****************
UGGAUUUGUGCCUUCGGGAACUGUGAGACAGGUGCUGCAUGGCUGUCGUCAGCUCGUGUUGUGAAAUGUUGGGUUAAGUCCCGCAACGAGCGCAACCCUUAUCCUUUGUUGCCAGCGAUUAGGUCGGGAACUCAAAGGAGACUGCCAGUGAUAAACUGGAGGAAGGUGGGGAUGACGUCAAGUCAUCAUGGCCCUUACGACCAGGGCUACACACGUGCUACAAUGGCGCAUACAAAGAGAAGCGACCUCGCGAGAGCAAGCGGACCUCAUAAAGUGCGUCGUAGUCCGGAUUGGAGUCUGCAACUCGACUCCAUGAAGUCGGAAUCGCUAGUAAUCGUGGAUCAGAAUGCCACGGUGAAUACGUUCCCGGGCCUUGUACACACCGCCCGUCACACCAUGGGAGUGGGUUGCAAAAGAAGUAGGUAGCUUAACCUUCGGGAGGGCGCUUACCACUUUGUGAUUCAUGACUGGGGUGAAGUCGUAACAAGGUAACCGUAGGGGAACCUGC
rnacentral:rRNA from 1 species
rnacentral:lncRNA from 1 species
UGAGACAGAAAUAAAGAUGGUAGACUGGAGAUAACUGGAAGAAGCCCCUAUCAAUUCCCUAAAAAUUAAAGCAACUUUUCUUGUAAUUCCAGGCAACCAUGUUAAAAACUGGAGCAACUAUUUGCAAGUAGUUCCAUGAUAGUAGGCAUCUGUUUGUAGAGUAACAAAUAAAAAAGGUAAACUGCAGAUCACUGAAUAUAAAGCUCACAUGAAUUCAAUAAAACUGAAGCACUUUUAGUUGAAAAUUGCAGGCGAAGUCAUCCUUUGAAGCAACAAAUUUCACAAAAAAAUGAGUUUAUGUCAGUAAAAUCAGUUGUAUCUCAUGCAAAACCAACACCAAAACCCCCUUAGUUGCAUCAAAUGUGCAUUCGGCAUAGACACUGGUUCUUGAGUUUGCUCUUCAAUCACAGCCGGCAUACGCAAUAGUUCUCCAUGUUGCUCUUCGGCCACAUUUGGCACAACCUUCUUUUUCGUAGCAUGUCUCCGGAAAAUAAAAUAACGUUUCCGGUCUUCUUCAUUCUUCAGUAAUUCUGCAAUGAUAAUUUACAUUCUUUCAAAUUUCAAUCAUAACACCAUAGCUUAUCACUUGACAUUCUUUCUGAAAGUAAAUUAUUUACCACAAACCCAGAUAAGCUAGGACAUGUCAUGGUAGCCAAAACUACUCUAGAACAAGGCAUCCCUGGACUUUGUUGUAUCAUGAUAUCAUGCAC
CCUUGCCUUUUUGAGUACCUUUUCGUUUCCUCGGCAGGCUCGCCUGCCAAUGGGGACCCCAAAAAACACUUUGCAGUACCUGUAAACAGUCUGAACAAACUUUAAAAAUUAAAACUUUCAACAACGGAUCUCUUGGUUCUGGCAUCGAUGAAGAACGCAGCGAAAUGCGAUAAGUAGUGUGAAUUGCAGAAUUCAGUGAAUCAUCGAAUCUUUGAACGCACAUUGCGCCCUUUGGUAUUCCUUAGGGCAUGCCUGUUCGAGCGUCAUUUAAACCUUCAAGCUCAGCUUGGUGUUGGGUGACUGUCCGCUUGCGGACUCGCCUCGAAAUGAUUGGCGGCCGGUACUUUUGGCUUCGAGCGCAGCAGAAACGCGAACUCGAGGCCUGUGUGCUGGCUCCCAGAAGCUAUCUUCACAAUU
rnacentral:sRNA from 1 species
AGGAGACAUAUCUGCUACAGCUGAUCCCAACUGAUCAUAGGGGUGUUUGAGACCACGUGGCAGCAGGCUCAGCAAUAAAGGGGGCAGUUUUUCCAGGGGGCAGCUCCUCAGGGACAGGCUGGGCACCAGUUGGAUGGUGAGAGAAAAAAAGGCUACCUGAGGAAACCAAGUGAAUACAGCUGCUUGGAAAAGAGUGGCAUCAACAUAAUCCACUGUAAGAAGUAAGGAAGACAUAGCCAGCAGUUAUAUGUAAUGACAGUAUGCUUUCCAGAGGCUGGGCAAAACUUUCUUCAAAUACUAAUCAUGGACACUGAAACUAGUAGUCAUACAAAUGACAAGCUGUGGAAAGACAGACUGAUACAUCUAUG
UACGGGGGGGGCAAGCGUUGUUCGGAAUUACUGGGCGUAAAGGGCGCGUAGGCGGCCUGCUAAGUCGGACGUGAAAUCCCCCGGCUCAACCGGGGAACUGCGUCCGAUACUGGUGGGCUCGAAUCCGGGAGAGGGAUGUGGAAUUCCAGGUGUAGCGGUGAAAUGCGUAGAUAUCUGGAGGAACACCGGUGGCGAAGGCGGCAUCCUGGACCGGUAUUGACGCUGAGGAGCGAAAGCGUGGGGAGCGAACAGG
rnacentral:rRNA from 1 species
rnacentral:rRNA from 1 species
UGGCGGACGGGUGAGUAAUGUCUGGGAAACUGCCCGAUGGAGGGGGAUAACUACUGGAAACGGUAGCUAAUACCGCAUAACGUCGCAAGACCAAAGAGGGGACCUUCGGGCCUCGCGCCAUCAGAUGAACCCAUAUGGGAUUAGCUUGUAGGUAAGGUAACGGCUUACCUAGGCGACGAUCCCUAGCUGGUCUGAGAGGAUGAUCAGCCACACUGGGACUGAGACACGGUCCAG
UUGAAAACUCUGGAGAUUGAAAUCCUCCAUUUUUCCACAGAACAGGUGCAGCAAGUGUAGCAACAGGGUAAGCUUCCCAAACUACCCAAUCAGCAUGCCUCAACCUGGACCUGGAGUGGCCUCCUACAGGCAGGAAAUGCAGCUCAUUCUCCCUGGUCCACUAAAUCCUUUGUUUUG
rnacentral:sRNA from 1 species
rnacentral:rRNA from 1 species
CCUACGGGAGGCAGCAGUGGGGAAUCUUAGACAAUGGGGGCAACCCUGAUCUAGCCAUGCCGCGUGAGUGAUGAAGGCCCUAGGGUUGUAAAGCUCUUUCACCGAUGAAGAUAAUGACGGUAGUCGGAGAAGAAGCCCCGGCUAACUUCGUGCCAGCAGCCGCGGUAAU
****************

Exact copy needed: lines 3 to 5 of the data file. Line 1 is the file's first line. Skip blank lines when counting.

rnacentral:lncRNA from 1 species
UGAGACAGAAAUAAAGAUGGUAGACUGGAGAUAACUGGAAGAAGCCCCUAUCAAUUCCCUAAAAAUUAAAGCAACUUUUCUUGUAAUUCCAGGCAACCAUGUUAAAAACUGGAGCAACUAUUUGCAAGUAGUUCCAUGAUAGUAGGCAUCUGUUUGUAGAGUAACAAAUAAAAAAGGUAAACUGCAGAUCACUGAAUAUAAAGCUCACAUGAAUUCAAUAAAACUGAAGCACUUUUAGUUGAAAAUUGCAGGCGAAGUCAUCCUUUGAAGCAACAAAUUUCACAAAAAAAUGAGUUUAUGUCAGUAAAAUCAGUUGUAUCUCAUGCAAAACCAACACCAAAACCCCCUUAGUUGCAUCAAAUGUGCAUUCGGCAUAGACACUGGUUCUUGAGUUUGCUCUUCAAUCACAGCCGGCAUACGCAAUAGUUCUCCAUGUUGCUCUUCGGCCACAUUUGGCACAACCUUCUUUUUCGUAGCAUGUCUCCGGAAAAUAAAAUAACGUUUCCGGUCUUCUUCAUUCUUCAGUAAUUCUGCAAUGAUAAUUUACAUUCUUUCAAAUUUCAAUCAUAACACCAUAGCUUAUCACUUGACAUUCUUUCUGAAAGUAAAUUAUUUACCACAAACCCAGAUAAGCUAGGACAUGUCAUGGUAGCCAAAACUACUCUAGAACAAGGCAUCCCUGGACUUUGUUGUAUCAUGAUAUCAUGCAC
CCUUGCCUUUUUGAGUACCUUUUCGUUUCCUCGGCAGGCUCGCCUGCCAAUGGGGACCCCAAAAAACACUUUGCAGUACCUGUAAACAGUCUGAACAAACUUUAAAAAUUAAAACUUUCAACAACGGAUCUCUUGGUUCUGGCAUCGAUGAAGAACGCAGCGAAAUGCGAUAAGUAGUGUGAAUUGCAGAAUUCAGUGAAUCAUCGAAUCUUUGAACGCACAUUGCGCCCUUUGGUAUUCCUUAGGGCAUGCCUGUUCGAGCGUCAUUUAAACCUUCAAGCUCAGCUUGGUGUUGGGUGACUGUCCGCUUGCGGACUCGCCUCGAAAUGAUUGGCGGCCGGUACUUUUGGCUUCGAGCGCAGCAGAAACGCGAACUCGAGGCCUGUGUGCUGGCUCCCAGAAGCUAUCUUCACAAUU